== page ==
the Scorpion, check the phantom supply caps, C13 and C14, as well.)

All of these caps were replaced with 10µF versions of
Panasonic’s FC Series, (105° centigrade, switching grade). I
paralleled each with a .3µF K Series (a tantalum-grade
electrolytic) just for overkill. Three of the old caps tested at 60% of
their rated value, and one was no longer a cap. Combine this with the
current being drawn over a long cable acting as antenna, and it’s not
surprising that this supply oscillated.

Figure 2: Phantom power distribution in pure hardware

Questions about phantom power generate much e-mail. To clear up some of
the mystery, let’s see how it applies in a basic way—to condenser
and dynamic microphones. Figure 2 shows the essential hardware; 48
volts feeds a pair of 68k-ohm resistors connected to pin-2 and pin-3,
the signal pins. The DC “return” path shares pin-1 with the
earth/shield connection. A local capacitor keeps the signal clean.

As mentioned earlier in this piece, phantom power is distributed as
a common-mode DC signal, riding piggyback on top of the audio signal.
This clever solution was backward-compatible with existing cables and
microphones. The pair of sine waves represents the differential signal
(one is 180° out-of-phase with the other); noise is represented by
the red spikes, both of which are in phase. When all signals get to the
preamp, the differential input amplifier does just that, it
“looks for the difference.” Subtracting pin-3 from pin-2
translates into a double negative, otherwise known as
“addition” for the intended audio but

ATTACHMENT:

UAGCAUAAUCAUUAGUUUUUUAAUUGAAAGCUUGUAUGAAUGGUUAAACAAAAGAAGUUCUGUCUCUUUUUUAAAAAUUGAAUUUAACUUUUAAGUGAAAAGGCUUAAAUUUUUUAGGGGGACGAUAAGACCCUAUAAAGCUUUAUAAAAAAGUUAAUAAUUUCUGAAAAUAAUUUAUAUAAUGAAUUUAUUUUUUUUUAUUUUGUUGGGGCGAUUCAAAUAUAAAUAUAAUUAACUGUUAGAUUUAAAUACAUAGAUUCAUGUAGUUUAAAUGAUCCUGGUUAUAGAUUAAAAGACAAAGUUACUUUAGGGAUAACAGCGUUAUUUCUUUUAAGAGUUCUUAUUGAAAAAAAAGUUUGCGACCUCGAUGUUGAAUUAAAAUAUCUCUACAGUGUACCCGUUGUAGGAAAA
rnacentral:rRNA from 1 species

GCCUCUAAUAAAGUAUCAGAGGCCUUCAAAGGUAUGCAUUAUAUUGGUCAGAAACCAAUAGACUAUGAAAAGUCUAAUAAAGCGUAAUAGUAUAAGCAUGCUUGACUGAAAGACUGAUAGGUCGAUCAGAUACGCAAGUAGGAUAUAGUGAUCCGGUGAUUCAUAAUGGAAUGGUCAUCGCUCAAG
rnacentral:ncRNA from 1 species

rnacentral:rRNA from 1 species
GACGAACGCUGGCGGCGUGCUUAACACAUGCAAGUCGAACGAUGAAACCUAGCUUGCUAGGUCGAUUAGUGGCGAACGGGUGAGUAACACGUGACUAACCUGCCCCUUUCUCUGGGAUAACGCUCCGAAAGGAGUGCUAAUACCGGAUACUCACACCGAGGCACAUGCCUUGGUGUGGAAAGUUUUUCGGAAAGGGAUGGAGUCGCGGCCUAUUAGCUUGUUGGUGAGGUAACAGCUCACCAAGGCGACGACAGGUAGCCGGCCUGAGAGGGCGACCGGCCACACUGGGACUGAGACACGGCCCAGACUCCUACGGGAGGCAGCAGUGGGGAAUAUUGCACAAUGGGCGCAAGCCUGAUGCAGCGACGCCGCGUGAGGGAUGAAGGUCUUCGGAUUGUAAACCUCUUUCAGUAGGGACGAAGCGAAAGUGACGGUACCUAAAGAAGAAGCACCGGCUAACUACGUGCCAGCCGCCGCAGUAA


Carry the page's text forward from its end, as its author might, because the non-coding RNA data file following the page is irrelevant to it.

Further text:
“subtraction” for the noise (aka, cancellation). Table 1
shows how CMRR can be different at various frequencies.

I spoke with David Royer of Royer Labs (
and Wes Dooley of Audio Engineering Associates (,
both of whom manufacture ribbon microphones in the good old U.S. of A.
Each does his best to educate users on the do’s and don’ts of ribbon
technology, offering mic placement tips, accessories and a generous
warranty policy. (Ribbons are more vulnerable to plosives than dynamic
mics.) David now has a phantom-powered ribbon mic that kills two birds
with one stone by increasing the output level and protecting the ribbon
from miswired cables.

Wes manufactures the AEA R44 to the original specs, offering
replacement parts that are interchangeable with the original RCA 44
ribbon mic. Like many retro manufacturers, Wes has taken the time to
talk to veteran designers and engineers, collecting some of their
stories to share at the upcoming AES show in October. One tip to use an
RCA 44 safely on kick drum blew me away (without blowing away the
ribbon): Simply lay the 44 on its back against a pillow in the bottom
of the drum so that the air goes across the face. I can’t wait to try

The “ribbon” is a narrow strip of aluminum foil,
hammered out in the same old-world-style tradition as gold, gently
locked into place with just enough tension to center it within an
extremely powerful magnetic gap. (The resonance is at the lowest
possible extreme of the audio band.) It is both delicate and
articulate. Ribbon microphones are perfectly capable of interfacing
with phantom power as long as the cables are correctly wired. If you
have a transformerless mic preamp, then turn the phantom power off
before connecting the mic so that you allow time for the blocking caps
to discharge, just in case they do so at an uneven rate.

Under normal circumstances, 48 volts are applied to both pin-2 and
pin-3 (with respect to ground) and not across the coil or ribbon, both
of which are typically isolated from the outside world via a
transformer. Because there is no potential difference, phantom power is
invisible to dynamic and ribbon mics. However, if pin-1 and pin-2 (or